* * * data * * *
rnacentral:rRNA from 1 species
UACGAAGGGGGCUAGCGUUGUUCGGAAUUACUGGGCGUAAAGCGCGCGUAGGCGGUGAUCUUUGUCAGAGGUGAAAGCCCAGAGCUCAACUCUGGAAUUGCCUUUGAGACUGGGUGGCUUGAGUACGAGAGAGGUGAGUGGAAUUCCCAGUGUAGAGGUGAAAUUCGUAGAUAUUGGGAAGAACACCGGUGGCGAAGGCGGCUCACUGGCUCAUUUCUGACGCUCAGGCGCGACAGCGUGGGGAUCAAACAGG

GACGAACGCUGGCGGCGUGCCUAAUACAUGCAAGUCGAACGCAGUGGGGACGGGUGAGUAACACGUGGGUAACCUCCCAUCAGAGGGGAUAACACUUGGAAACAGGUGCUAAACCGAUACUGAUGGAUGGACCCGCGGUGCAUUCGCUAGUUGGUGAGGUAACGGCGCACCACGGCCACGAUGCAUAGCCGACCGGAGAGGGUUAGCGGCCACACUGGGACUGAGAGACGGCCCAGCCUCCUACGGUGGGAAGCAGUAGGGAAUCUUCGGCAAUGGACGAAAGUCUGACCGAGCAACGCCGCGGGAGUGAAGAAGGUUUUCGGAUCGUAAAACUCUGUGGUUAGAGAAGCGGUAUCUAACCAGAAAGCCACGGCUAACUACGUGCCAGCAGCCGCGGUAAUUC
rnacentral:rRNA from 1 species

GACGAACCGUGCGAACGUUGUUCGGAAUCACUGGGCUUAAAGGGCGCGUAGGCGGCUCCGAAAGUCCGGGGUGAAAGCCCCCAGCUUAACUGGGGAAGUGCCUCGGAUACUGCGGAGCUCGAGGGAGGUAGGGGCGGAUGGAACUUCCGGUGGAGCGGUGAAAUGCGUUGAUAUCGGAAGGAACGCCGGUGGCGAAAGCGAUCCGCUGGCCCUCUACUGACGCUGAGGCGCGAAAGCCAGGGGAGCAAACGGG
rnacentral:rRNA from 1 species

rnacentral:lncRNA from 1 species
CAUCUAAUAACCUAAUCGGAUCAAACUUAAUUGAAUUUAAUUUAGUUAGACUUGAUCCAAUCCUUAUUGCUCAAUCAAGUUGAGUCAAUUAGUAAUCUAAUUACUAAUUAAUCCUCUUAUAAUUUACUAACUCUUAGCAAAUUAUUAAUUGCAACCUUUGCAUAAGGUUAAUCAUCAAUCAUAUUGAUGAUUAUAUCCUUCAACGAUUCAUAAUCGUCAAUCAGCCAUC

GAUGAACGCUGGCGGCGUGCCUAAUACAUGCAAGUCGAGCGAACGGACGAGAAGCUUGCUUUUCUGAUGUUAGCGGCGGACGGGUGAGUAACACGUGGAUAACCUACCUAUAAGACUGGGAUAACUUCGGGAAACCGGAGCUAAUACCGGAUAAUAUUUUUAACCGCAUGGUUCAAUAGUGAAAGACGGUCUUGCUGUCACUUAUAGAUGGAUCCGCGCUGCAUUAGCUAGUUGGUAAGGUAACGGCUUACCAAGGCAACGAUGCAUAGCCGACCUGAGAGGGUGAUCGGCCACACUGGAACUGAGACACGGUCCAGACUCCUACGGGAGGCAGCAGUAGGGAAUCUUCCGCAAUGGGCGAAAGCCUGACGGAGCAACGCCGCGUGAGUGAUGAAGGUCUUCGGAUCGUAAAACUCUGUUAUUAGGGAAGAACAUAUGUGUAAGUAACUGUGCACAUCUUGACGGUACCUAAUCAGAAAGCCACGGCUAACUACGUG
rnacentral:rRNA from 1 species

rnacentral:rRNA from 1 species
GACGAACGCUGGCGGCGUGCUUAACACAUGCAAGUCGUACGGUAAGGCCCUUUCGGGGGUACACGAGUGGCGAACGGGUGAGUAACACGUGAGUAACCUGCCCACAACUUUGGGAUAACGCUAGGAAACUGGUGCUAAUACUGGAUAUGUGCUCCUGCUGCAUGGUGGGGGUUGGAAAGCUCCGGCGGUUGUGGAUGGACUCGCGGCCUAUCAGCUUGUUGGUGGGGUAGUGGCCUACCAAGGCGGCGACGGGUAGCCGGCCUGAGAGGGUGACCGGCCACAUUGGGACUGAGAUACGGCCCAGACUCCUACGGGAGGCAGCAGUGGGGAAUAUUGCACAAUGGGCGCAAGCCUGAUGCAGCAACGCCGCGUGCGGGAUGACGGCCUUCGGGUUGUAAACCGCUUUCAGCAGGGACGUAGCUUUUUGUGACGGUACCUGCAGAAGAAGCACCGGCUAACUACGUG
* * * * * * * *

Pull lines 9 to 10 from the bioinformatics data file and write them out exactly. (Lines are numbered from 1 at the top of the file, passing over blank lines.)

GAUGAACGCUGGCGGCGUGCCUAAUACAUGCAAGUCGAGCGAACGGACGAGAAGCUUGCUUUUCUGAUGUUAGCGGCGGACGGGUGAGUAACACGUGGAUAACCUACCUAUAAGACUGGGAUAACUUCGGGAAACCGGAGCUAAUACCGGAUAAUAUUUUUAACCGCAUGGUUCAAUAGUGAAAGACGGUCUUGCUGUCACUUAUAGAUGGAUCCGCGCUGCAUUAGCUAGUUGGUAAGGUAACGGCUUACCAAGGCAACGAUGCAUAGCCGACCUGAGAGGGUGAUCGGCCACACUGGAACUGAGACACGGUCCAGACUCCUACGGGAGGCAGCAGUAGGGAAUCUUCCGCAAUGGGCGAAAGCCUGACGGAGCAACGCCGCGUGAGUGAUGAAGGUCUUCGGAUCGUAAAACUCUGUUAUUAGGGAAGAACAUAUGUGUAAGUAACUGUGCACAUCUUGACGGUACCUAAUCAGAAAGCCACGGCUAACUACGUG
rnacentral:rRNA from 1 species